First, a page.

Despite the war in
Iraq and the daily reports of suicide bombers in Israel, studies
show that less than 15 percent of young U.S. citizens can locate
either country. (By the way, Canadians don't score much better!)
According to the National Geographic-Roper 2002 Global Geographic
Literacy Survey of more than 3,000 young people around the world,
the USA is geographically illiterate.
Roger Downs, head
of the geography department at Pennsylvania State University
and National Geographic geographer-in-residence from 1995-1996,
feels that U.S. schools have generally slighted geography. He
says that if geography is not a curriculum-tested subject, students
see it as not being valued. According to Downs, schools are
not totally to blame. Parents can make a difference by teaching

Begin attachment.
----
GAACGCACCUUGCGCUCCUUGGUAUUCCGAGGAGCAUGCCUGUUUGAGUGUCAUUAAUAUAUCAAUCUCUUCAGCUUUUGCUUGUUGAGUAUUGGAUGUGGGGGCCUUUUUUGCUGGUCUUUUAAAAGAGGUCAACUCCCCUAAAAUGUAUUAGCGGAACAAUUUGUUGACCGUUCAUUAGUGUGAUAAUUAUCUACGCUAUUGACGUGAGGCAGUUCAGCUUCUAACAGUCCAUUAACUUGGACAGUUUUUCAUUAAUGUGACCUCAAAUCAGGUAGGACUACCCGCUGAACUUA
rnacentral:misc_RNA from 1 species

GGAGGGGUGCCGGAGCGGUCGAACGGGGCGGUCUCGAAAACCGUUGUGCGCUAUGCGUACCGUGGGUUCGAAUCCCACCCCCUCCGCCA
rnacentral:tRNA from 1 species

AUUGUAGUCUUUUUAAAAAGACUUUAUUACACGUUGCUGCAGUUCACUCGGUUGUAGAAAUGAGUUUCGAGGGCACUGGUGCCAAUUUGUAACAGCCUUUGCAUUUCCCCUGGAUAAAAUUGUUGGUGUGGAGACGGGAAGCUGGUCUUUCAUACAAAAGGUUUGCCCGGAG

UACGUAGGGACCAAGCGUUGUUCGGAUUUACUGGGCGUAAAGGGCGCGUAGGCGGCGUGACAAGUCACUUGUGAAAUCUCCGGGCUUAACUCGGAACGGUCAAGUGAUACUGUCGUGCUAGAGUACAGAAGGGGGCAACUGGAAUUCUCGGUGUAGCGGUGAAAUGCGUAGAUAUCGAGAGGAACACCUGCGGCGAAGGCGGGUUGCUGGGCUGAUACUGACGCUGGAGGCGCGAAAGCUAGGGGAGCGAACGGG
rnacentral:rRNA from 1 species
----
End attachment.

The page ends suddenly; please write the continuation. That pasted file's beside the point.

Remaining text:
global awareness at home.
While driving your
child across the country, map in hand, or traveling around the
world might offer the best lesson, here are a few less expensive
teaching aids that work well. Most of these resources can be
found at your local parent-teacher store.
Laminated placemats, which are maps of the world, can be used
to teach geography during meal times.
Inflatable globes, which look rather like beach balls, can be
good to have around. One company called Hug-a-Planet makes a
wonderful pillow, which is actually a globe.
large map of the world can be taped onto your child's bedroom
wall. Countries can be identified while collecting stamps or
writing to pen
"world map" jigsaw puzzle can be an on-going family
Surfers of the internet
will appreciate some of the free games and activities we have
found online for teaching geography. You can find links to these
great sites here.
By teaching global
awareness and celebrating cultural diversity now, we can help
to promote a world of tolerance and peace for future generations.